Yahoo ad system used to push CryptoWall ransom 'malvertising'

Yahoo's system being exploited

The world has come to fear the effects of ransom malware but how does it get near the PCs of its victims in the first place?

A common technique is to lure unsuspecting users into opening malicious attachments but there are a number of other channels. After some poking around, security firm Blue Coat has discovered that one the recent very successful ransom malware CryptoWall has been hitching a ride on Yahoo's ad network.

According to the firm's observations in blogs over the last month, it had tracked traffic associated with the malware back to ads on sites inside the search giant's advertising web in India, Myanmar, Indonesia and France.

So-called 'malvertising' is an established tactic but its effects can be profound. Users visiting legitimate websites using this network would have encountered links to sites that appeared legitimate but were hosting malware.

It's clever because it's incredibly hard to spot and block. The sites insinuate themselves into ad networks which gives them the opportunity to later exploit this reputation to redirect to malvertising.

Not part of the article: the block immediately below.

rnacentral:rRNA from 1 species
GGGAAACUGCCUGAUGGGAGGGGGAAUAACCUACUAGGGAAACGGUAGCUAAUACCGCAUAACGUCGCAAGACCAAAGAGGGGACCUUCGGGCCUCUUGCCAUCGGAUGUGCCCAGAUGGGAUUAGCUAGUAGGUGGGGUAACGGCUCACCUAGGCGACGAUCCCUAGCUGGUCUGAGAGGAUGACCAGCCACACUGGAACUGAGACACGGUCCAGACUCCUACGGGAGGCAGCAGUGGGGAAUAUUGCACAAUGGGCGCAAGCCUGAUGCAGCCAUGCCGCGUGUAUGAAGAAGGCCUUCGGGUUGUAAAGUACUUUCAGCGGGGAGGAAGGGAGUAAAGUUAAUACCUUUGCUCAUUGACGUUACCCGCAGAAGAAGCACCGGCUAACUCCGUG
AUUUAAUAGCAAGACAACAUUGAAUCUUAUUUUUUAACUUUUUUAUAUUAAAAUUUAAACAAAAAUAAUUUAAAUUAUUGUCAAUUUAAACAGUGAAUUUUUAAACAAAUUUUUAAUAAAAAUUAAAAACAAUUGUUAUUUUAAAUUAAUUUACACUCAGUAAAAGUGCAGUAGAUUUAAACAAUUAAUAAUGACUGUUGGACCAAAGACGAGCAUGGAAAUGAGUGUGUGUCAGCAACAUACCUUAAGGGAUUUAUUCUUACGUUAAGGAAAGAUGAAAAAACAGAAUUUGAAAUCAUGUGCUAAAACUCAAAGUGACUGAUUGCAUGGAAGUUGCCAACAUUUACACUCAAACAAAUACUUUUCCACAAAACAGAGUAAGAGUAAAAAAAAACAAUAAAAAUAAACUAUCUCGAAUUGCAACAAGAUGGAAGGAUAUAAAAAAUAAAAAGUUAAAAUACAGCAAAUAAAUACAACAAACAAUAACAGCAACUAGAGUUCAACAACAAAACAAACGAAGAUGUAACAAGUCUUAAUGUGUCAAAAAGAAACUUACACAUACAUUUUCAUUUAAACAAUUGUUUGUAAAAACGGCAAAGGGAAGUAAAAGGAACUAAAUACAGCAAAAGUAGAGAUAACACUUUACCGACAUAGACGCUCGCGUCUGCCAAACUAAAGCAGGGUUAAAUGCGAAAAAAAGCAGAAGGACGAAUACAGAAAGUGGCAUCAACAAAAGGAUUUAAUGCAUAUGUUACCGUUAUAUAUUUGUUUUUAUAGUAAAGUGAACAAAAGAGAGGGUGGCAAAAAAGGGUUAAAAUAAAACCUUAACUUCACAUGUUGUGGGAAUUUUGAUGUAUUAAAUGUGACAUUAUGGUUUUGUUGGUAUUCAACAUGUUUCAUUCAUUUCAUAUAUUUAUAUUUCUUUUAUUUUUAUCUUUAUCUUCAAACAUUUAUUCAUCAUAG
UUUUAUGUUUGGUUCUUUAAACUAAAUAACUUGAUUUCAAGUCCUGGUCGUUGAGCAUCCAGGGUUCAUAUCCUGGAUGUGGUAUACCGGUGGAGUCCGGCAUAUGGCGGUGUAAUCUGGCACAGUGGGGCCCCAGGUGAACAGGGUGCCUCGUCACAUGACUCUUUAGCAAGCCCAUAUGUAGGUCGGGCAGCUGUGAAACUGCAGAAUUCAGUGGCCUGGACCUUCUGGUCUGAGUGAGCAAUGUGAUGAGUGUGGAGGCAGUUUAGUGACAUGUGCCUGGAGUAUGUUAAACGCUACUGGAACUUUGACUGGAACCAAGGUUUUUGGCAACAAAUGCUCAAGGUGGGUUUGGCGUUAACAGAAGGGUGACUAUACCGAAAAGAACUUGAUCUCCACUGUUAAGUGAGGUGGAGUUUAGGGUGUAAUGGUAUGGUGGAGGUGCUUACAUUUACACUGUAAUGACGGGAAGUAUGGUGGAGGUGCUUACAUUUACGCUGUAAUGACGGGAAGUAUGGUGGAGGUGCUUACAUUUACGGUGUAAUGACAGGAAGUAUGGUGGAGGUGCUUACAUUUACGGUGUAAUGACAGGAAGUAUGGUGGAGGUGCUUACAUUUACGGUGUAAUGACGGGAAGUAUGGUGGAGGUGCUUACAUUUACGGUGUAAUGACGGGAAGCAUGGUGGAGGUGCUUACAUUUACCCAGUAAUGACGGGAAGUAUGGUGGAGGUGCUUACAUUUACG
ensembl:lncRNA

"What looked like a minor malvertising attack quickly became more significant as the cyber criminals were successfully able to gain the trust of the major ad networks like ads.yahoo.com," said Blue Coat's researcher, Chris Larsen.

"The interconnected nature of ad servers and the ease with which would-be-attackers can build trust to deliver malicious ads points to a broken security model that leaves users exposed to the types of ransomware and other malware that can steal personal, financial and credential information."

The firm said it has started blocking some of the suspect sites that were part of this campaign.

How serious any of this is depends on the scale of the foothold malvertising has got inside Yahoo. That's difficult to say but the service has a form when it comes to this kind of problem. In January, security firms found that its ad system was being exploited by large of sites to spread Bitcoin mining software.

Ad revenue is, of course, crucial for search providers including Yahoo, which has been struggling in the space for some time.

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